“The goal of Great Books programs us to instill in adults and children the habits of mind that characterize a self-reliant thinker, reader, and learner,” according to the website http://www.greatbooks.org/. With this curriculum, the focus is on the questions encountered in the reading. Students are directed toward formulating their own questions and then searching for the answers through discussion with peers as well as critical and analytical thinking on their own. In fact, the emphasis is shifted completely from the teacher to the text itself. “As a Shared Inquiry leader, [the teachers] do not impart information or present…opinions, but guide participants in reaching their own interpretations.” According to the website. Teachers pose thought-provoking questions and direct the conversation in response to student discussion. In doing this, teachers help students develop “the flexibility of mind to consider problems from many angles, and the discipline to analyze ideas critically.”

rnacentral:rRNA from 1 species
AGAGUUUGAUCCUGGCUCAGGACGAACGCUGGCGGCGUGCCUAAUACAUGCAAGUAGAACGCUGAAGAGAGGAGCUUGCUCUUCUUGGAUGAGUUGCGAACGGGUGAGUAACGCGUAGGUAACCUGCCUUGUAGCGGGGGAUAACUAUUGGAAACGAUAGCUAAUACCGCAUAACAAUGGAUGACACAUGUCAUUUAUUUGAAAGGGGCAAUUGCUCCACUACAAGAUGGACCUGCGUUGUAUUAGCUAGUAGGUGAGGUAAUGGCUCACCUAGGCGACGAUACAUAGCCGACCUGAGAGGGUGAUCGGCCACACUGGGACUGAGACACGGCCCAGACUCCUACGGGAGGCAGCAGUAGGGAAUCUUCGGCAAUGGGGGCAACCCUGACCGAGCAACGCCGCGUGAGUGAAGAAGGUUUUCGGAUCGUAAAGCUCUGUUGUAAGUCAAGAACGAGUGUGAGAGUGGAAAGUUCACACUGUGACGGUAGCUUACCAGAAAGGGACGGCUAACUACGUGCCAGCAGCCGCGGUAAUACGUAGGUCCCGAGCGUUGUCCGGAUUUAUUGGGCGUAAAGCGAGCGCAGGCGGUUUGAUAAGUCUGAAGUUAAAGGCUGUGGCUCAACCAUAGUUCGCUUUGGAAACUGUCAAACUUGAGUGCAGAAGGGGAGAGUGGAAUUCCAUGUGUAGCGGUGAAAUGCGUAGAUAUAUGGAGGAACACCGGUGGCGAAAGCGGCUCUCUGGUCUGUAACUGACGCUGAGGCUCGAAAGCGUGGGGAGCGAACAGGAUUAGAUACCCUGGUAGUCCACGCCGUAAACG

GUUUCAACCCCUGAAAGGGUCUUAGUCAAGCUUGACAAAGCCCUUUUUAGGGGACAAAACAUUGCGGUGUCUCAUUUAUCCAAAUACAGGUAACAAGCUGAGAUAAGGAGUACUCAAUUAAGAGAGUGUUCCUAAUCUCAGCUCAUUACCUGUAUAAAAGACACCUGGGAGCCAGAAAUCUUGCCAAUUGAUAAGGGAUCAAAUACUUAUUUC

Students must also listen to each other. “In Shared Inquiry, participants learn to give full consideration to the ideas of others, to weigh the merits of opposing arguments, and to modify their initial opinions as evidence demands,” according to the website. “They gain experience in communicating complex ideas and in supporting, testing, and expanding their own thoughts.” This sounds like utopia, and might, in reality, be a bit idealized.